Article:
George Soros in his recent Financial Times article was correct that credit derivatives created issues, but he missed the most glaring problem.
US investment banks were not the victims of bear raids; they were fundamentally unsound. Investment banks and hedge funds turned financial risk into financial crack with leverage. The risky overrated debt had no upside and lots of downside. Leverage in the form of massive borrowing and credit derivatives made the fall swift, painful and often fatal for equity investors in investment banks and hedge funds.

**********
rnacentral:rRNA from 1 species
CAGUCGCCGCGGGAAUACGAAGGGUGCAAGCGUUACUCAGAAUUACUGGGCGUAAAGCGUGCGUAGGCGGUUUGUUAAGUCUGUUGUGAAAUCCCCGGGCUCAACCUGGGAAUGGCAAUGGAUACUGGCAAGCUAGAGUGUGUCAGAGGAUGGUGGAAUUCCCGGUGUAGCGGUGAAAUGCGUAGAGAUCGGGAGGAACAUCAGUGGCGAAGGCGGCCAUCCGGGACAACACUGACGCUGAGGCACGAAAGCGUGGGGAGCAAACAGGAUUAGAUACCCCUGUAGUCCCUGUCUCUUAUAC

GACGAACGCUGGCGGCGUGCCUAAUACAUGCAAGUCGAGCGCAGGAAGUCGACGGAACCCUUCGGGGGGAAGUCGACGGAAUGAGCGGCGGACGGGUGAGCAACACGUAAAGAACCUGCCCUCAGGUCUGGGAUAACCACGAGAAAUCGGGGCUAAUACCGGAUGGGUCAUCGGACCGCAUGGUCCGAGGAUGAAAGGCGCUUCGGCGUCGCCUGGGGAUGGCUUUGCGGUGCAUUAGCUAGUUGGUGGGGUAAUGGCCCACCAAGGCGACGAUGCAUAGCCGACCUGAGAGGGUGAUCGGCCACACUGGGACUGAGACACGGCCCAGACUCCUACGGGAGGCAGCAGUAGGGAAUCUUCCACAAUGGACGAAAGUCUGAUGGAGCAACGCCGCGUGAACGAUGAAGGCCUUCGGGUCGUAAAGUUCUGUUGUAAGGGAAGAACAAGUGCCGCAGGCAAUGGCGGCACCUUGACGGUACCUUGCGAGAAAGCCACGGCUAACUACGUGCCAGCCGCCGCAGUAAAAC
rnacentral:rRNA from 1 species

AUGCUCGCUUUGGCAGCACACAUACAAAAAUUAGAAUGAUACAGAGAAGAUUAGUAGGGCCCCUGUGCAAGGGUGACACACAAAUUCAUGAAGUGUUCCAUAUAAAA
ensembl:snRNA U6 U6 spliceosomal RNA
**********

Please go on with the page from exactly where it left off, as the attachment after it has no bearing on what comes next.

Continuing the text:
Pundits trying to inflate their own bubbles of self-credit put the blame on unsound models. But such fools for randomness are a distraction from the key issue: malfeasance.
Financiers and structured finance professionals were aware of the negative potential of risky loans. Yet they took it even further. The risky tranches - those that any investment banker worth their salt knew were write-offs - were used to create other packages that their buddies "managed" in one fund, while shorting in their hedge funds.
The problem was not the models' failure to capture probability outliers but the industry's failure to rein in the liars.